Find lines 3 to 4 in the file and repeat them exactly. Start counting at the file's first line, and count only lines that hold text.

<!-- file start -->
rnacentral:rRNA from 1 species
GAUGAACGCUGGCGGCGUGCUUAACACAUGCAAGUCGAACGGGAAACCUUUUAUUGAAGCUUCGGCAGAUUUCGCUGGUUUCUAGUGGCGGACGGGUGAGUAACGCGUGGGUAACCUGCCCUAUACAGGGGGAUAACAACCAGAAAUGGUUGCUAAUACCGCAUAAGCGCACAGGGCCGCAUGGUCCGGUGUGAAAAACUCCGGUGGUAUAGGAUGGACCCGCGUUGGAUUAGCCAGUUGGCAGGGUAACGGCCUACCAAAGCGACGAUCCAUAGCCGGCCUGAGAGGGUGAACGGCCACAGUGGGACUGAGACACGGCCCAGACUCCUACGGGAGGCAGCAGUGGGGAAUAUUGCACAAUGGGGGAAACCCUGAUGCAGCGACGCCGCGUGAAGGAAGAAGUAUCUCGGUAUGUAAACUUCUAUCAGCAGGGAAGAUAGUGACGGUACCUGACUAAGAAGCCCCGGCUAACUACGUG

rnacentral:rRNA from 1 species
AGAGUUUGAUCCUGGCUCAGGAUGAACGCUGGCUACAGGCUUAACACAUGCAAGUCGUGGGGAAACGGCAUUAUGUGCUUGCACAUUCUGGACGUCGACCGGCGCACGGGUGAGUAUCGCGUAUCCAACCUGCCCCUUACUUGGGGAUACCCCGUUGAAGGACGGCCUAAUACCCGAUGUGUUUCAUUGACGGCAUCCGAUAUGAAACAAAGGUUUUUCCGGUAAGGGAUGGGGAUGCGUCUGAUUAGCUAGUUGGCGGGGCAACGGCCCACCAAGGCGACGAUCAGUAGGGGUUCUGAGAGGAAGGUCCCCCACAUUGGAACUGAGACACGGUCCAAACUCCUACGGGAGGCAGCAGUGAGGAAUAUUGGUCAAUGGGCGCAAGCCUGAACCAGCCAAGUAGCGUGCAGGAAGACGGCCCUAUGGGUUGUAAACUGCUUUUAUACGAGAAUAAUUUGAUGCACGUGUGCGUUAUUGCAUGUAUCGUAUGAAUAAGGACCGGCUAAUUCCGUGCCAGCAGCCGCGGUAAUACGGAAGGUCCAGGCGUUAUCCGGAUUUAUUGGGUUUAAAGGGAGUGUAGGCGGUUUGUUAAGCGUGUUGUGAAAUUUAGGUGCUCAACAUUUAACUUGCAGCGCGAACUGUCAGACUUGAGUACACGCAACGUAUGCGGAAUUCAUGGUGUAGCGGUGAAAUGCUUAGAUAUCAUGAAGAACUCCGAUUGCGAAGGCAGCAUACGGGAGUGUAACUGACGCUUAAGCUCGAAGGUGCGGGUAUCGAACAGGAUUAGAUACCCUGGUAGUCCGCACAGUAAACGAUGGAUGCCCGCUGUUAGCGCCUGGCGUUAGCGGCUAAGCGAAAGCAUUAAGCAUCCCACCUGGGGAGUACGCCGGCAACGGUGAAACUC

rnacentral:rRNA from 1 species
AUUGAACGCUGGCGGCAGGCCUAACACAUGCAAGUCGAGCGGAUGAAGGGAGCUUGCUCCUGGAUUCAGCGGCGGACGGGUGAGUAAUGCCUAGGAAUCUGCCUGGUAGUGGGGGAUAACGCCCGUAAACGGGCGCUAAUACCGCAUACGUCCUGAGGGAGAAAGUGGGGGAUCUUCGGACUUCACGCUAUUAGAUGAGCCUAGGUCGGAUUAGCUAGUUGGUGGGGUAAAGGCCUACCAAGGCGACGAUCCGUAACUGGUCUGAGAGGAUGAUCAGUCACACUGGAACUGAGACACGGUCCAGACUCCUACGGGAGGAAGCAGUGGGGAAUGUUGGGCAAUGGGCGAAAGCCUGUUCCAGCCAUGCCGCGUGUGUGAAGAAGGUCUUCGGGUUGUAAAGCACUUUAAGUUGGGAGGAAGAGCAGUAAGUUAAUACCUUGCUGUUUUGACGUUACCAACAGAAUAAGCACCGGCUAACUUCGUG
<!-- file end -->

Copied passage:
rnacentral:rRNA from 1 species
AGAGUUUGAUCCUGGCUCAGGAUGAACGCUGGCUACAGGCUUAACACAUGCAAGUCGUGGGGAAACGGCAUUAUGUGCUUGCACAUUCUGGACGUCGACCGGCGCACGGGUGAGUAUCGCGUAUCCAACCUGCCCCUUACUUGGGGAUACCCCGUUGAAGGACGGCCUAAUACCCGAUGUGUUUCAUUGACGGCAUCCGAUAUGAAACAAAGGUUUUUCCGGUAAGGGAUGGGGAUGCGUCUGAUUAGCUAGUUGGCGGGGCAACGGCCCACCAAGGCGACGAUCAGUAGGGGUUCUGAGAGGAAGGUCCCCCACAUUGGAACUGAGACACGGUCCAAACUCCUACGGGAGGCAGCAGUGAGGAAUAUUGGUCAAUGGGCGCAAGCCUGAACCAGCCAAGUAGCGUGCAGGAAGACGGCCCUAUGGGUUGUAAACUGCUUUUAUACGAGAAUAAUUUGAUGCACGUGUGCGUUAUUGCAUGUAUCGUAUGAAUAAGGACCGGCUAAUUCCGUGCCAGCAGCCGCGGUAAUACGGAAGGUCCAGGCGUUAUCCGGAUUUAUUGGGUUUAAAGGGAGUGUAGGCGGUUUGUUAAGCGUGUUGUGAAAUUUAGGUGCUCAACAUUUAACUUGCAGCGCGAACUGUCAGACUUGAGUACACGCAACGUAUGCGGAAUUCAUGGUGUAGCGGUGAAAUGCUUAGAUAUCAUGAAGAACUCCGAUUGCGAAGGCAGCAUACGGGAGUGUAACUGACGCUUAAGCUCGAAGGUGCGGGUAUCGAACAGGAUUAGAUACCCUGGUAGUCCGCACAGUAAACGAUGGAUGCCCGCUGUUAGCGCCUGGCGUUAGCGGCUAAGCGAAAGCAUUAAGCAUCCCACCUGGGGAGUACGCCGGCAACGGUGAAACUC